The same technology that allows people to visually locate businesses and peep at naked ladies is now documenting the state of America's waterways.
Jared Criscuolo uses the imaging technology of Google Maps Street View to create a river view of the Sacramento River. The Riverview Project is the first foray of Criscuolo's Below the Surface organization.
The ultimate goal is to "create a permanent photographic record of the current conditions of America's rivers," according to the project's website.
Eventually, a phone app will allow anyone to feed images into the project and "creatively gather footage of what they see. We want to start crowd sourcing a library of America's rivers," Criscuolo told The New York Times environmental blog, Green.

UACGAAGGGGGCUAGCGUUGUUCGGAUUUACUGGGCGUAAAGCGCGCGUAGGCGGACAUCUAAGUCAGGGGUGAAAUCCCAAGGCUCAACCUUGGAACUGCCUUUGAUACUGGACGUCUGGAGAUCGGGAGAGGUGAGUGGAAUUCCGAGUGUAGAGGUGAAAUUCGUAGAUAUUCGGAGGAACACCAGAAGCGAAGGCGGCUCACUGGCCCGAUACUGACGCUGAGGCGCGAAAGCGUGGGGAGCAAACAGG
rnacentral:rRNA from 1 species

The inspiration for the project came in 2006 when Criscuolo was stricken with a gastrointestinal disease and throat infection after surfing off the coast of San Diego, reported the Times. A recent rainstorm had flushed animal waste, oil and other pollutants into the ocean. That got Criscuolo thinking about just how contaminated America's waterways are, and he decided to try and document the situation.
As luck would have it, the U.S. Geological Survey had the same idea. After an email exchange, the two parties began working together. The USGS put its resources at Criscuolo's disposal.
The project now has the support of the Nature Conservancy and Surfrider Foundation as well as sponsorship from Clif Bars, the Alaskan Brewing Company and the Lake Pontchartrain Basin Foundation.
A view on the Sacramento River (Carlos Almendarez, Flickr)